Counsel for the Government further contend that appellant did not properly object to the charge as finally given and complained of here, as required by Rule 30 of the Federal Rules of Criminal Procedure, 18 U.S.C. What took place with respect to the charge is quoted in footnote.4
The Government's proposed charge No. 1 embraced the same subject matter with respect to the presumption flowing from the making and signing of the return as heretofore indicated by the change made by the court, consisting of the interlining of the word 'conscious' so as to produce the alleged erroneous charge given.
In connection with the discussion of this charge the Court made a general statement.5
The exact charge now complained of was held to be erroneous by this Court in Wardlaw v. United States, 203 F.2d 884, and it is unnecessary to repeat the reasons there given. However, the fundamental error is that in a criminal case where the defense, as here, was good faith and absence of criminal intent, what was said had the effect of telling the jury as a matter of law that such proof was sufficient without more to show criminal intent, whereas this was one of the most important phases of the issues of fact beyond the prosecution was bound to prove beyond a reasonable doubt. The distinction is the difference between facts tending to establish guilt and telling the jury they may in effect consider guilt proven thereby. The Court undoubtedly may tell them they are entitled to consider the circumstances described in the charge as tending to prove intent but when it said that such intent was to be presumed from the facts stated, it necessarily shifted the burden thereafter to the shoulders of the accused to prove his innocence.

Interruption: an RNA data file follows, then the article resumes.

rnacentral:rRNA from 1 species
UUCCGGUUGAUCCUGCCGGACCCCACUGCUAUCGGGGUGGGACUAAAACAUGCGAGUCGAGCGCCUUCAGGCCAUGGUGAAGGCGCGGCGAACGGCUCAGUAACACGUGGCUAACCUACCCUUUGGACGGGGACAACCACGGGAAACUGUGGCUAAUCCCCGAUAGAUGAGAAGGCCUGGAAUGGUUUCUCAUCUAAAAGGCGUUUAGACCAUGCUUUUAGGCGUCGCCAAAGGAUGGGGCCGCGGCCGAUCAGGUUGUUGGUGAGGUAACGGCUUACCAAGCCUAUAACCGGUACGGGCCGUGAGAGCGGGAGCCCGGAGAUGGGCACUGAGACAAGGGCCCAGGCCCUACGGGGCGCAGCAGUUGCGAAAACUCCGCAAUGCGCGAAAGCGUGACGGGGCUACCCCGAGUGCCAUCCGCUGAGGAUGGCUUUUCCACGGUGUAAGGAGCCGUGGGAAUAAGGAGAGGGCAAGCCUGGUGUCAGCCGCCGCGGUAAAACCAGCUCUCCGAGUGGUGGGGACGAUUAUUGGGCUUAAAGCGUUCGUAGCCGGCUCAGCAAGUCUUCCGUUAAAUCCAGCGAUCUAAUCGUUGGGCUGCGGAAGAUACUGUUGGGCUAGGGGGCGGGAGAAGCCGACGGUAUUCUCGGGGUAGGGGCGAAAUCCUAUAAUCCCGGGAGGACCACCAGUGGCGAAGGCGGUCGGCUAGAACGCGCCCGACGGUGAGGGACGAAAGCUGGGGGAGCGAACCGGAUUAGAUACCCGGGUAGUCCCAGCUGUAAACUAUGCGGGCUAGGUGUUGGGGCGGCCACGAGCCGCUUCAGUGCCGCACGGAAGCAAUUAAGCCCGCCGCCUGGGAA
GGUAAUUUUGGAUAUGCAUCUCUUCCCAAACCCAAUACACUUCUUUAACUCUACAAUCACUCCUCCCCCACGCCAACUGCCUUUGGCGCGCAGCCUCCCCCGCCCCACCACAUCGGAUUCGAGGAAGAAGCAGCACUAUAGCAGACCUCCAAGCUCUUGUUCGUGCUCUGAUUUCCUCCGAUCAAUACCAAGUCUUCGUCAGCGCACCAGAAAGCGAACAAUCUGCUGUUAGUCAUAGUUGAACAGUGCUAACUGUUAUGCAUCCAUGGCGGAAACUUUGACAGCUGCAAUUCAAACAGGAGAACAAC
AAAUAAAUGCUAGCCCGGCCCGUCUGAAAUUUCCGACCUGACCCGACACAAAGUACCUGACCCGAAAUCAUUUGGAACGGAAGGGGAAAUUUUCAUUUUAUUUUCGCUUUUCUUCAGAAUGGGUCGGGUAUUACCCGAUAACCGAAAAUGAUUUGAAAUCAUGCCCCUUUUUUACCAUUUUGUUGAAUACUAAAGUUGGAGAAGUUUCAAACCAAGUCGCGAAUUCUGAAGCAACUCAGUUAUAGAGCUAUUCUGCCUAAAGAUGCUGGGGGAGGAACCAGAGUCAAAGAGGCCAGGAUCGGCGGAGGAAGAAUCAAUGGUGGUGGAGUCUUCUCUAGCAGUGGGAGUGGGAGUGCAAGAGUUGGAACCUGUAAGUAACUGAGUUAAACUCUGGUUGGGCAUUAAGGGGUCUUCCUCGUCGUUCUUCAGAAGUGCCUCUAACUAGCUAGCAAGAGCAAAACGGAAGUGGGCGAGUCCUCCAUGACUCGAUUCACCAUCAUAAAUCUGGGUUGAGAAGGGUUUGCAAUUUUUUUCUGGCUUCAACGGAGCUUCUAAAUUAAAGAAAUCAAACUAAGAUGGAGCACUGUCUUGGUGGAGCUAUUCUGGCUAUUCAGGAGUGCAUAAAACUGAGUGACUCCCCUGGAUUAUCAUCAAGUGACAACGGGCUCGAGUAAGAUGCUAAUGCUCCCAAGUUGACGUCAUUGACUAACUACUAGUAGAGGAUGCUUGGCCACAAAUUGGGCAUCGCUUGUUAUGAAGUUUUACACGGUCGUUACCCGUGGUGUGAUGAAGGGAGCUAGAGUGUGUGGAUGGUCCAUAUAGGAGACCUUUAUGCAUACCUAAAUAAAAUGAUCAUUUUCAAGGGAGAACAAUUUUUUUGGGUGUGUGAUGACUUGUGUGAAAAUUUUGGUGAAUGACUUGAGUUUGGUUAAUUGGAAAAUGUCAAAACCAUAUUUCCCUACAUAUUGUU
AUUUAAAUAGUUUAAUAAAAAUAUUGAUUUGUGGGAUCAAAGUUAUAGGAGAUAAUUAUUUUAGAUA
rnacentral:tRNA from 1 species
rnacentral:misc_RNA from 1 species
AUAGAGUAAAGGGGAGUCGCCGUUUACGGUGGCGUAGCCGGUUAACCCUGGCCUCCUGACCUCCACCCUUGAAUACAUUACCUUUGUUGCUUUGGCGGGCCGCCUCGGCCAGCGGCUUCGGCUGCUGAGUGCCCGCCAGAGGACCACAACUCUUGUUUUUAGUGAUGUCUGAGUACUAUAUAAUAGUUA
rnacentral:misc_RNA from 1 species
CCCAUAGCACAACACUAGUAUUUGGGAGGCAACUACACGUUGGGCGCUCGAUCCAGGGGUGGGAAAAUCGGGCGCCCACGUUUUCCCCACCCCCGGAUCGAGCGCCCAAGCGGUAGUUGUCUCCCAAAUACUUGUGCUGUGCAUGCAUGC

This error was further added to when the Court told the jury:
'You are instructed that you may find from the facts that the defendant signed his individual income tax returns that he had knowledge of the contents of the return.
'The owner of a business need not be the actual bookkeeper to be familiar with the affairs and finances of that business, but he must be held to know that which it is his duty to know. It is for you to determine from all of the evidence whether the defendant has knowledge of the falsity of this return, provided you also find that the return was false.' (Emphasis by the writer.)
See authorities cited in Wardlaw v. United States, supra.
As to Specification of Error No. 2, we think that the matters requested in the special charges of defendant, Nos. 8 and 14 were sufficiently covered in the general charge and the judge was not required to submit them to the jury as written in defendant's request.
Portions of No. 16 were also covered in the general charge but other parts thereof were objectionable without language to support the conclusion that defendant's action was in good faith.
Specification of Error No. 4 has to do with a statement by counsel for the Government as to what was intended to be proven, was not involved in any charge of the court, and therefore furnishes no basis for complaint by the defendant.
As to Specification No. 5, in view of the disposition that we make of this case, it is not deemed necessary to rule upon the tense used as to whether accused 'had' or 'has' knowledge of the falsity of the return. The court below, on another trial, we take it, will make it clear that defendant should have had knowledge of the falsity when the return was signed and filed.
Specification No. 6, as to abuse of discretion in denying a bill of particulars and refusing to grant a new trial also passes out of the case. Defendant admits the information requested by the motion for particulars was subsequently obtained and the ruling here has the same effect as if the Court below had granted a new trial.
The judgment appealed from is reversed and the cause remanded for further proceedings not inconsistent with the views expressed herein.